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    1. They would think of us as pure science fiction. As for the dikes and ditches - yes there are many of them in that part of Lincolnshire. Without them, the land would be flooded and productive agriculture would be impossible. Now...back to my knobby board!

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  4. Great composition in each photo, Yorkie. Lovely pics.

    I'm happy for you that your team won. That would be a huge boost for them, I'm sure. The locker room would've been filled with adrenaline! :)

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    1. Yes. It must have been a great lift for the players. Thanks for appreciating my pictures Lee.

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  5. The red barn? The gatepost? The red barn? The gatepost?
    The gatepost by a narrow margin - great detail.
    Alphie

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    1. Thanks for the expert consideration Alphie.

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  6. Gatepost and thistle heads - this one is my favourite picture of the post. Great light, too.
    Congratulations on your team's achievement!

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    1. Not thistles but teasels Libertarian. Thanks.

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  7. Great minds think alike ! Great composition.
    YP you're using your artist's "eye" to great effect. The gatepost and thistles (are they actually teasels?) would make an excellent watercolour, and I can just see it nicely framed and hanging on your wall at Casa Pudding.

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    1. Yes teasels CG though teacher's pet Frances below confirms alternative spellings. As an extremely humble fellow, I would hesitate to display any of my own artwork in our hovel.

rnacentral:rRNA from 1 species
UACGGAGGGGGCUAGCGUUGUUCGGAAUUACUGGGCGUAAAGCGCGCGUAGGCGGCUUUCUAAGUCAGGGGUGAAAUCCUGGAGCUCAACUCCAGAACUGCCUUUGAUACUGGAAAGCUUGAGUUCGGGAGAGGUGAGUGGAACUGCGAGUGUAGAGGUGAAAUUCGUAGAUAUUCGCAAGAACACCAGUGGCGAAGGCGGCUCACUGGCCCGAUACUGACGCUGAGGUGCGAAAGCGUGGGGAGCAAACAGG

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  8. The tree is my favourite, closely followed but the lovely old gatepost and teasel
    , (which can apparently also be spelt teazel or teazle....I looked it up !!)

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    1. Full marks to you Frances for your spelling research. For this I award you a gold star to stick on your "I'm A Good Girl" chart.

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    2. Ooh thank you sir!

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    3. When I wrote Teazel with a zed - it was automatically corrected and it's still telling me it's wrong !

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  9. Great photos as always! I love that second-to-last one, with the tree and the puddle, and the peeling orange barns are nice, too.

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Mr Pudding welcomes all genuine comments - even those with which he disagrees. However, puerile or abusive comments from anonymous contributors will continue to be given the short shrift they deserve. Any spam comments that get through Google/Blogger defences will also be quickly deleted.